Nigeria has faced numerous challenges in providing quality public education for all its citizens. Economic downturns, political instability, corruption, and conflicts harm the education sector. Over the years, various education policies and reforms have been implemented to address the sector’s challenges. These include the Universal Basic Education (UBE) programme, which provides free and compulsory education for all children up to junior secondary school level, and efforts to promote technical and vocational education to address skills gaps. Despite these efforts, significant disparities in access to quality education persist. The failure of public education in Nigeria has been a longstanding issue, marked by various challenges and setbacks that have hindered the system’s ability to provide quality education.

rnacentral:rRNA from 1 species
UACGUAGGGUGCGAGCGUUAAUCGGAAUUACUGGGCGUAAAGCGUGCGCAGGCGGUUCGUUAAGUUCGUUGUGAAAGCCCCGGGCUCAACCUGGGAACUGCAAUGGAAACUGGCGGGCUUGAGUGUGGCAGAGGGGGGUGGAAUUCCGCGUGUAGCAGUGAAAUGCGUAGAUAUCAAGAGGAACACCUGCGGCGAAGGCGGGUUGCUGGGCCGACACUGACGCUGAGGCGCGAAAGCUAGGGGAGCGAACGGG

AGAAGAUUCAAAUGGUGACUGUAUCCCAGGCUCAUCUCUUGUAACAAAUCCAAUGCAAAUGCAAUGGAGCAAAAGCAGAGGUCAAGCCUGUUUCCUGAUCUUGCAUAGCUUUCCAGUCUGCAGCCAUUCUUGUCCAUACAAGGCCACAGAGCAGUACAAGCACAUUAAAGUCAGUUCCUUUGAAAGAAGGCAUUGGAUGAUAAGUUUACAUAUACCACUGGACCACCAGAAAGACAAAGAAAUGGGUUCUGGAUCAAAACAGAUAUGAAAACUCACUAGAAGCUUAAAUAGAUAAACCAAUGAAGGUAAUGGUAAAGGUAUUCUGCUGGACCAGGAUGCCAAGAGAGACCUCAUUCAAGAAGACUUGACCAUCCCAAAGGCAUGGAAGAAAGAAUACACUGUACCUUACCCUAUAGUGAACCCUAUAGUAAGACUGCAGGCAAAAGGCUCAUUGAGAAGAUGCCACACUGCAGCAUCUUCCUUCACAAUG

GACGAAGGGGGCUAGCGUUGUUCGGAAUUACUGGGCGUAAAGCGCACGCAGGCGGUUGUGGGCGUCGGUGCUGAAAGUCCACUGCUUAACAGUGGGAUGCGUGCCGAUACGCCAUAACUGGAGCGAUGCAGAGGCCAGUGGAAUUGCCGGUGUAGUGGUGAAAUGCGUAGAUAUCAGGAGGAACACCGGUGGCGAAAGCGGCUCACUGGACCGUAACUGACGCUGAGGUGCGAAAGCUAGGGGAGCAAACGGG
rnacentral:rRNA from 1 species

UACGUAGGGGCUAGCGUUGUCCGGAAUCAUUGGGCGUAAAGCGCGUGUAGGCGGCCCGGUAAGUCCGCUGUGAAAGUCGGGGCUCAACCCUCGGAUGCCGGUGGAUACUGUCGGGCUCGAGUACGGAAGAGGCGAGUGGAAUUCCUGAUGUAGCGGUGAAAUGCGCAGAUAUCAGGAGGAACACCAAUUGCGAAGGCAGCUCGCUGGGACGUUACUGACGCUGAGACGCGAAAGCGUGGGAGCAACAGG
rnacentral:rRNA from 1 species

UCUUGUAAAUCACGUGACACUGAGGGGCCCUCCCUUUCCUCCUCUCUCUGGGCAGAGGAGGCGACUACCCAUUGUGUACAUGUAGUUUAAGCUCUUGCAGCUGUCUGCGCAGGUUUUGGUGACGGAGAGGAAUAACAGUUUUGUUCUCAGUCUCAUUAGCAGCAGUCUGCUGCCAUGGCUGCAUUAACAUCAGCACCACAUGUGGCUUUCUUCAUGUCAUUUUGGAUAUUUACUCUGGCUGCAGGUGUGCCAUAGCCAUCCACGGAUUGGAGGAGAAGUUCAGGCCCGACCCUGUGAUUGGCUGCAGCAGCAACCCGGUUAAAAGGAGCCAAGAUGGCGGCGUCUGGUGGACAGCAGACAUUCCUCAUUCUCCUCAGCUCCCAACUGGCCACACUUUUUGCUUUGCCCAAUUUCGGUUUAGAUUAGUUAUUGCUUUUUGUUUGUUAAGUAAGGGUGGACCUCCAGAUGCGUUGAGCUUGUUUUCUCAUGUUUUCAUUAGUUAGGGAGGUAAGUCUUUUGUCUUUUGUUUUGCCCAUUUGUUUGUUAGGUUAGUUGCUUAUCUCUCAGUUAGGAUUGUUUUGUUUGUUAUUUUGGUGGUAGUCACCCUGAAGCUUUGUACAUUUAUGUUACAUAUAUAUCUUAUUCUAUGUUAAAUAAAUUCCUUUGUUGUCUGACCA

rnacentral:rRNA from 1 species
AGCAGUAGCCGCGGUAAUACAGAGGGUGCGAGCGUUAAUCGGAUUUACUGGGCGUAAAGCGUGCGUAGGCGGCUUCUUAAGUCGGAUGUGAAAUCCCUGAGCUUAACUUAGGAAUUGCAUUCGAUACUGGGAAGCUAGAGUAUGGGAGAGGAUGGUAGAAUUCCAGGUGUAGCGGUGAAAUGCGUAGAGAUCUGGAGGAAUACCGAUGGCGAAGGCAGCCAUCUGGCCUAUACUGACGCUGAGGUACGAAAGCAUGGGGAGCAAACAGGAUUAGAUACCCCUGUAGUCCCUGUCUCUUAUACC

These challenges include chronic underfunding of the public education sector, a significant issue in Nigeria. This lack of funding has resulted in inadequate infrastructure, a shortage of qualified teachers, and essential educational resources.

Second, there is a lack or insufficiency of essential infrastructure, including classrooms, libraries, labs, and restrooms in public schools. Dilapidated buildings, overcrowded classrooms, and an unconducive learning environment make it difficult for students to learn effectively and for teachers to deliver quality instruction.

Third, the quality of teaching in public schools is often compromised due to factors such as inadequate teacher training, low motivation, a miserable wage, and poor working conditions.

Fourth, the curriculum used in public schools is only sometimes relevant to the needs of students or the demands of the modern world. It may lack emphasis on critical thinking, problem-solving, and practical skills essential for success today.

Fifth, disparities in access to education persist in Nigeria, with rural and marginalised communities often having limited access to quality schools and educational resources.

Sixth, corruption and mismanagement within the education sector are our albatross.